Our reviews of The John Frankenheimer Collection (published January 22nd, 2008), Ronin: Collector's Edition (published May 9th, 2006), and Ronin (Blu-Ray) (published March 18th, 2009) are also available.
No questions, no answers. That's the business we're in.
With intelligent dialogue, plot twists, and fearsome car chases, Ronin brings a European sensibility to the action movie genre and would make a fine addition to your DVD collection.
This is one of those movies that did not fare well at the box office, and for reasons that are not entirely clear. The cast, lead by the stellar Robert De Niro, is an embarrassment of acting riches and the action sequences are breathtaking. However, I suspect that this movie fared poorly because in many ways Ronin is an action movie anomaly. Aside from De Niro, the cast is generally unknown in this country, the pacing is leisurely, the plot and dialogue are not spoon-fed to the audience, the violence is restrained and not gratuitous, and worst of all, there's no neat happy ending. However, by turning Hollywood formula on its head, Ronin is a refreshing change of pace and deserving of your consideration.
The story begins in Paris, as Sam (Robert De Niro) cautiously checks out a small bar, making sure that, as always, he has an escape route. Inside, he makes wary contact with a small group of mystery men and the equally reticent woman (Natascha McElhone) who has brought them all together. Full names are not used, and only fleeting or cryptic references are made to their backgrounds, but we see enough to know that Sam, Vincent (Jean Reno, as seen in The Professional), Gregor (Stellan Skarsgård, once Captain Tupolev in The Hunt For Red October), Spence (Sean Bean), and Larry (Skip Sudduth) are a collection of government agents fallen on hard times but who have valuable talents for hire.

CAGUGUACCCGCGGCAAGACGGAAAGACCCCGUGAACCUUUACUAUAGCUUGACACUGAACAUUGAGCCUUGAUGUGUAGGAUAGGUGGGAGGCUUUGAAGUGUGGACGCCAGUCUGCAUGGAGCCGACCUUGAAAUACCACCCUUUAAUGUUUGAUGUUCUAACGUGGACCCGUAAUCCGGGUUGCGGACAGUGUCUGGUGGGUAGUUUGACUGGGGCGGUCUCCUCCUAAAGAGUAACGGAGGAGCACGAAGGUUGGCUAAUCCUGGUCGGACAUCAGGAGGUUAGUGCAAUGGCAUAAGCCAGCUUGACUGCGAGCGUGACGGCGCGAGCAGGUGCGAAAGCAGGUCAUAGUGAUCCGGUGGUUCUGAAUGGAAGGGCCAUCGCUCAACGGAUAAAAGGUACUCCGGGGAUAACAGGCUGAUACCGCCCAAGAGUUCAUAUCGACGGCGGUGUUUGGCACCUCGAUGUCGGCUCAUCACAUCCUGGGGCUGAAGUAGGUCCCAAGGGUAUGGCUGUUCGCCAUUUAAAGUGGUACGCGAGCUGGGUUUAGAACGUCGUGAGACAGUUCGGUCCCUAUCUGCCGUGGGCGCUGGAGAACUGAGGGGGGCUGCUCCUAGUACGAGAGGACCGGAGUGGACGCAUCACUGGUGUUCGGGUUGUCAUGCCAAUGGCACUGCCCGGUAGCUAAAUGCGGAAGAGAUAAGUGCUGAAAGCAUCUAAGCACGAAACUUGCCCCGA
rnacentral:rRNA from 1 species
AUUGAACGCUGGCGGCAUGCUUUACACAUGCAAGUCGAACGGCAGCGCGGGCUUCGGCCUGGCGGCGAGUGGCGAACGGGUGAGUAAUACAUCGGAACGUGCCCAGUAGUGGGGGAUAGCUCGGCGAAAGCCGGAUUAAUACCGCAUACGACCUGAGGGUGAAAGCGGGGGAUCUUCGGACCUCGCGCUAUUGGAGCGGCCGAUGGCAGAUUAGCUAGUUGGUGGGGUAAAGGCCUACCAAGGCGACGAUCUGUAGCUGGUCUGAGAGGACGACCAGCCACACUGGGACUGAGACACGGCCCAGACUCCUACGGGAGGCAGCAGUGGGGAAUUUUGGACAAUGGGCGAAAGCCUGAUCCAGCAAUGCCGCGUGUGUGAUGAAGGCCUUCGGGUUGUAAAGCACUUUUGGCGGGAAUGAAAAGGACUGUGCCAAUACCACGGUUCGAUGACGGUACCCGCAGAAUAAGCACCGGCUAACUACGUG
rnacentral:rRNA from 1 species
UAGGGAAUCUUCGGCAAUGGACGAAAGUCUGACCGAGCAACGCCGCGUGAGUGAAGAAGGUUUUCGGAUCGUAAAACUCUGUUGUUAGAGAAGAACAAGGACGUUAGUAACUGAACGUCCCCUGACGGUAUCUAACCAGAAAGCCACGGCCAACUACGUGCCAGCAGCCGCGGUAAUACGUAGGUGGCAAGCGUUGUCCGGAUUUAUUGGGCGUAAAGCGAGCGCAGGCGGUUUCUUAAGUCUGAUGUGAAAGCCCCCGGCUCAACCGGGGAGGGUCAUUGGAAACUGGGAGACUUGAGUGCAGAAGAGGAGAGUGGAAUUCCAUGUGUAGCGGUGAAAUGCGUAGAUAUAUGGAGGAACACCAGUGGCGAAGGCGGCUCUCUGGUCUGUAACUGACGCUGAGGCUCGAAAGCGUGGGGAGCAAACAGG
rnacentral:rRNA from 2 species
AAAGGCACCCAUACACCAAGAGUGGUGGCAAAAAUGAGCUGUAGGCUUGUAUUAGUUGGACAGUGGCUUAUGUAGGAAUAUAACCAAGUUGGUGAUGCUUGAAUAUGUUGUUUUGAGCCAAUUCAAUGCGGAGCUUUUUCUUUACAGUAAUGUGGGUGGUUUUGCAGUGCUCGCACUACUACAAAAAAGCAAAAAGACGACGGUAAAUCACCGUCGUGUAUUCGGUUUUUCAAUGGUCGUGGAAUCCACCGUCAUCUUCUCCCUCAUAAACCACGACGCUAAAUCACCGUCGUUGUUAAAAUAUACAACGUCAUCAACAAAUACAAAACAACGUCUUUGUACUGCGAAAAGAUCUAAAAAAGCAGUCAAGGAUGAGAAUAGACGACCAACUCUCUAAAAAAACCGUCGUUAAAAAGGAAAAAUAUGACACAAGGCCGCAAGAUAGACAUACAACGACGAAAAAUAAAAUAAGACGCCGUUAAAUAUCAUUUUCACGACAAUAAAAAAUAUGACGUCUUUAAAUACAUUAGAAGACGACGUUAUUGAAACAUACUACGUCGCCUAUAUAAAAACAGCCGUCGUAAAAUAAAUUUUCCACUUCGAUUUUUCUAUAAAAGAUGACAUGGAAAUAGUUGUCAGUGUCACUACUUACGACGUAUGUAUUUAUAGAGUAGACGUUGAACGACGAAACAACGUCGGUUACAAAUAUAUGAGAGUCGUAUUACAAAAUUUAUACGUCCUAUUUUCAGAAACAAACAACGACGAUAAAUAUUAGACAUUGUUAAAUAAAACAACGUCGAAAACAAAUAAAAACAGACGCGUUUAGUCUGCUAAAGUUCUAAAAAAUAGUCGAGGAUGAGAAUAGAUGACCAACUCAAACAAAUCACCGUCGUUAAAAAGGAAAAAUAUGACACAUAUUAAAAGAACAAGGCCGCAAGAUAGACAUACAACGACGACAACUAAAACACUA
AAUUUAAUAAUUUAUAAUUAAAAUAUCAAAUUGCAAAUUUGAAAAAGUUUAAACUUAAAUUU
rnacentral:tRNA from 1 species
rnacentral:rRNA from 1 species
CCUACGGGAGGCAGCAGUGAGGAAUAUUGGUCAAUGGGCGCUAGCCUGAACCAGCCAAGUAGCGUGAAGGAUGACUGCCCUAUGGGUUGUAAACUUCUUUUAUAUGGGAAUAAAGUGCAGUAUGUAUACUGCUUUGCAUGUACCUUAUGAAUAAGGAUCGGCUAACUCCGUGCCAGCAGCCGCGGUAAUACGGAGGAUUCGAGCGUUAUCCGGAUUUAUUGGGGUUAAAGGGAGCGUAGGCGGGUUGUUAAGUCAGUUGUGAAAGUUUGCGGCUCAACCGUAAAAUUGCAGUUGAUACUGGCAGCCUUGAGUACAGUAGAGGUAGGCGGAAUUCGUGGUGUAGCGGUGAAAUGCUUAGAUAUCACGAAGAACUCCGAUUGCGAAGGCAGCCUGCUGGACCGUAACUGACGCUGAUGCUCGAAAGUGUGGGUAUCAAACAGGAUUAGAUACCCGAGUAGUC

The mystery woman with an Irish lilt calls herself Dierdre, and announces the mission. For hard, cold cash, the team is to set an ambush and take a certain case from a group of armed, professional men who will not part with it willingly. Their ultimate employer remains shrouded in mystery, as are the contents of the case, and the intelligence on the opposition is limited.
Now that the team is assembled, the next concern is to equip them properly. Between Dierdre and Vincent, connections are made with Paris suppliers and a meeting is set for the dead of night. Matters proceed slowly and carefully until Spence cracks under pressure and the suppliers attempt an armed double-cross. Meanwhile, Dierdre learns from Seamus (Jonathan Pryce) that the Russians are bidding for the case, requiring her team to move immediately, ready or not.
Sam is very unhappy with this "amateur night" operation, and in rapid fashion dictates more favorable financial terms and terminates Spence from the team, who seems not to have been as advertised. Dierdre's information puts the case and its guardians in the city of Nice, so the team moves there and sets up their base of operations in an appropriately non-descript house. The group, with Sam clearly being a leader, briefly considers a proposed plan before Sam decides that he needs to know the skill of his opposition. So with Dierdre's assistance, he pretends to be a hapless American tourist, but doing some nifty reconnaissance work at the same time. Nothing is said, but there is a decided attraction between the two, despite the unfavorable circumstances.